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enzymy – represe

The interference in synthesis of an enzyme due to the elevated level of an effector substance, usually a metabolite, whose presence would cause depression of the gene responsible for enzyme synthesis.
MSH

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enzymy – stabilita

The extent to which an enzyme retains its structural conformation or its activity when subjected to storage, isolation, and purification or various other physical or chemical manipulations, including proteolytic enzymes and heat.
MSH

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klinické enzymatické testy

Analyses for a specific enzyme activity, or of the level of a specific enzyme that is used to assess health and disease risk, for early detection of disease or disease prediction, diagnosis, and change in disease status.
MSH

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ELISA

An immunoassay utilizing an antibody labeled with an enzyme marker such as horseradish peroxidase. While either the enzyme or the antibody is bound to an immunosorbent substrate, they both retain their biologic activity; the change in enzyme activity as a result of the enzyme-antibody-antigen reaction is proportional to the concentration of the antigen and can be measured spectrophotometrically or with the naked eye. Many variations of the method have been developed.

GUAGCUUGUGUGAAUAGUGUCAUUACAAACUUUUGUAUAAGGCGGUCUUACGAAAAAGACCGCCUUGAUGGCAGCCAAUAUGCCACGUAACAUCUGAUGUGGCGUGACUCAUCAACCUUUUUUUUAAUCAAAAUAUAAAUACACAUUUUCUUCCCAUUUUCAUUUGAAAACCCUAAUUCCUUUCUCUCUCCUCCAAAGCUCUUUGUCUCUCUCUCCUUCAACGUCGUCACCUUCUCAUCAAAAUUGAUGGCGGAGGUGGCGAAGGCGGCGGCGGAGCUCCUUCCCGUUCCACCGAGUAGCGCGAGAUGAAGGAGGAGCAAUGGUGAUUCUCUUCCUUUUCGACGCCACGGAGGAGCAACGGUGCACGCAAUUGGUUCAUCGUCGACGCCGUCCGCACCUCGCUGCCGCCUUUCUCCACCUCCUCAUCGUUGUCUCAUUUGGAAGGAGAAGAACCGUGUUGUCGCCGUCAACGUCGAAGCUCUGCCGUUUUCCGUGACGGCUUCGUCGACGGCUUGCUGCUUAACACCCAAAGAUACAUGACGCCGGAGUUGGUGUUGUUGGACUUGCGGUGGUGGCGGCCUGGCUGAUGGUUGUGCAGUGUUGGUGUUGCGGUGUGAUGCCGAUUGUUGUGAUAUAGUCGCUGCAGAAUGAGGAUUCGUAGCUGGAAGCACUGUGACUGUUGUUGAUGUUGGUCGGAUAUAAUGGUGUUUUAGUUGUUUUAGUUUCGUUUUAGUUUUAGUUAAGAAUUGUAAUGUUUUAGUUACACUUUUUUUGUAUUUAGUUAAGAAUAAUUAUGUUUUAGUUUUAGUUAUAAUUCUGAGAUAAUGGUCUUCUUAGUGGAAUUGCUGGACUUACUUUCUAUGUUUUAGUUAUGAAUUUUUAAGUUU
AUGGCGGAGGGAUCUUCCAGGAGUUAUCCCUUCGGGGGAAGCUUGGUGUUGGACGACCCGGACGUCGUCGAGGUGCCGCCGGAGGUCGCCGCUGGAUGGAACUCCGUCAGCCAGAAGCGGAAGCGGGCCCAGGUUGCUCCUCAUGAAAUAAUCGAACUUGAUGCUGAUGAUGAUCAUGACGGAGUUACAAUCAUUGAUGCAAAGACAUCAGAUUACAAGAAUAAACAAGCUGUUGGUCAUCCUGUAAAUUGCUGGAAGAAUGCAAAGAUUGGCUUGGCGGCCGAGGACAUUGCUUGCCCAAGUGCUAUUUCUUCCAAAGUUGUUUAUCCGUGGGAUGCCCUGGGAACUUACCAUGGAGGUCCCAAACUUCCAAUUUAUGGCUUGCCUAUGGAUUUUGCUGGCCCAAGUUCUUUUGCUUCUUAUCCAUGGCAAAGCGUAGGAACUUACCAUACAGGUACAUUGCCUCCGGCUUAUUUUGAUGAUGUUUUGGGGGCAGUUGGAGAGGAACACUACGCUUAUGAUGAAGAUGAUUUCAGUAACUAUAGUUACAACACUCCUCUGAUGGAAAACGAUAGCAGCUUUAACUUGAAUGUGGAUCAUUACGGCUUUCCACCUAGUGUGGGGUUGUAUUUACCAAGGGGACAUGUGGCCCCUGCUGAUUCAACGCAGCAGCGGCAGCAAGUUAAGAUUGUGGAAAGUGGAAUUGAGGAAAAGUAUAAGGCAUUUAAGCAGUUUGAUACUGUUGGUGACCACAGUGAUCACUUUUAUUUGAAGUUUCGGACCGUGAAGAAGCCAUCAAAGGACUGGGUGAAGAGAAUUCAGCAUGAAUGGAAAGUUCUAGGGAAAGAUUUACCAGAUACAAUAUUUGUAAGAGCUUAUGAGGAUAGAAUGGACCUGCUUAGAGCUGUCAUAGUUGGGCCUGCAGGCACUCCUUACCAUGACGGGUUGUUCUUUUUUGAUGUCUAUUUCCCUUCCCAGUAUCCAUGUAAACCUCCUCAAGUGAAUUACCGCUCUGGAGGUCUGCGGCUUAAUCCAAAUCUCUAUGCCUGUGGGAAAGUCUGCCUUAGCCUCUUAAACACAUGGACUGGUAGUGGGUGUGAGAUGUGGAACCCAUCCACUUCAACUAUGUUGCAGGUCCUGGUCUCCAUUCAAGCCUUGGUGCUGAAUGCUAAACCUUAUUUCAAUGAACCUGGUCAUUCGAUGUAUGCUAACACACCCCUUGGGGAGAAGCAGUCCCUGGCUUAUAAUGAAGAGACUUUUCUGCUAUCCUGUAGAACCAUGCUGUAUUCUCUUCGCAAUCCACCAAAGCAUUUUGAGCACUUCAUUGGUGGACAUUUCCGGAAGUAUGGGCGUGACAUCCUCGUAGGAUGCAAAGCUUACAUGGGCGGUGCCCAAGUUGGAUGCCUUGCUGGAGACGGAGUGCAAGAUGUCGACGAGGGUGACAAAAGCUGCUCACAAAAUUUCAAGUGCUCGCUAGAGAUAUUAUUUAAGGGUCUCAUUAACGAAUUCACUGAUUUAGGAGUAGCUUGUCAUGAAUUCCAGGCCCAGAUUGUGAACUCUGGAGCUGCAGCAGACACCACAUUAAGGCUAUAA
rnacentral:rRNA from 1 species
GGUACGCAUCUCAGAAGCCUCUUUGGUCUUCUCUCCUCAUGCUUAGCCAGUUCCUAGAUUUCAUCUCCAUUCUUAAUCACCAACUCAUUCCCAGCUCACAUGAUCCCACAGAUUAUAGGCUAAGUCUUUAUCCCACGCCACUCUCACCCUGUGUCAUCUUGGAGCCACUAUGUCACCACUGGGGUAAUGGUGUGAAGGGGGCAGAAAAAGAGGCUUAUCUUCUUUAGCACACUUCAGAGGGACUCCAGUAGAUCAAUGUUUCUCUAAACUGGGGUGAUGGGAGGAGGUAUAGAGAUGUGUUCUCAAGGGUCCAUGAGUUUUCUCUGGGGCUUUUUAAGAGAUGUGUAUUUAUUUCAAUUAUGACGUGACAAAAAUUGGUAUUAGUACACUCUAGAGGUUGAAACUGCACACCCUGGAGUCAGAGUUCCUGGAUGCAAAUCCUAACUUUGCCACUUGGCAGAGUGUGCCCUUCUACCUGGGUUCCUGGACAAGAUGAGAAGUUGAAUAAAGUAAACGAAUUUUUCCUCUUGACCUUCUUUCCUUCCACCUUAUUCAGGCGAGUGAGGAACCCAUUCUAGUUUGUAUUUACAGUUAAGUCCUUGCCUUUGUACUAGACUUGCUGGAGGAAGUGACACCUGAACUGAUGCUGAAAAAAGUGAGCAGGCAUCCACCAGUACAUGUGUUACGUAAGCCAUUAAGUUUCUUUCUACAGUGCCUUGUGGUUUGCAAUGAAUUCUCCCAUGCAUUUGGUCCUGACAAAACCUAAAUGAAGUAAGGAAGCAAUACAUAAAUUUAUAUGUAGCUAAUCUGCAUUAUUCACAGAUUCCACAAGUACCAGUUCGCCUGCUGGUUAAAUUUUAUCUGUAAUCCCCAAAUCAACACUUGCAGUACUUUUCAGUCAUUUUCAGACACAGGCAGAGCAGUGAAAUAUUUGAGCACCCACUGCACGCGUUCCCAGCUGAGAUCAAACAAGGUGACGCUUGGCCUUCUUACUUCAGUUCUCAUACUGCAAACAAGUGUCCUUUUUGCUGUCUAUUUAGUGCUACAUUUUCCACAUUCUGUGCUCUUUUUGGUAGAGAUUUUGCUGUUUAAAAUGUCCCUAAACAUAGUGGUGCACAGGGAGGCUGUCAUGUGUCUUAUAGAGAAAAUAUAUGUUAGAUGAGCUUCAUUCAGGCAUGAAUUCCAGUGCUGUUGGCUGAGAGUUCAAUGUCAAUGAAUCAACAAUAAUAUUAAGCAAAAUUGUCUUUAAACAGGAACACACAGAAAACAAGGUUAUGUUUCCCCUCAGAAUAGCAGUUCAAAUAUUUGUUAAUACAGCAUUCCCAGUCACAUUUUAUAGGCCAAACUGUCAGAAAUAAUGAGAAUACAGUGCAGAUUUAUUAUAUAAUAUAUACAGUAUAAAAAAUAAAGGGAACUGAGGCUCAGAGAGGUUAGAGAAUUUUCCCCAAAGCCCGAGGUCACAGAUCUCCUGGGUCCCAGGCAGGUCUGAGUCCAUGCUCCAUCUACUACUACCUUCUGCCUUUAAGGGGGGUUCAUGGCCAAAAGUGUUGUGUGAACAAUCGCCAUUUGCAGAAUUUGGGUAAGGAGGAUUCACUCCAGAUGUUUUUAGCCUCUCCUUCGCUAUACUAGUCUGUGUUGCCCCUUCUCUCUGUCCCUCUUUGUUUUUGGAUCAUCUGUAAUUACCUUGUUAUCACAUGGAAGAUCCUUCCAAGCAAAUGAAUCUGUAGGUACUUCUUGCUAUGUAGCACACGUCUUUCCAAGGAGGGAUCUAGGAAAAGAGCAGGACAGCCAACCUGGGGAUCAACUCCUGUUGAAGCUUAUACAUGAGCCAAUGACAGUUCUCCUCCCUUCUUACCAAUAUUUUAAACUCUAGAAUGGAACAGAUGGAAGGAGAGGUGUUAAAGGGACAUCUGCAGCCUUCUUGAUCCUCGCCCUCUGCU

MSH

immunoassay utilizing an antibody labeled with an enzyme marker such as horseradish peroxidase; while either the enzyme or the antibody is bound to an immunosorbent substrate, they both retain their biologic activity; the change in enzyme activity as a result of the enzyme-antibody-antigen reaction is proportional to the concentration of the antigen and can be measured spectrophotometrically or with the naked eye; many variations of the method have been developed.
CSP

An immunoassay for detecting and measuring antigens or antibodies in a solution; the solution is run over a surface to which immobilized antibodies specific to the substance have been attached, and if the substance is present, it will bind to the antibody layer, and its presence is verified and visualized with an application of antibodies that have been tagged in some way.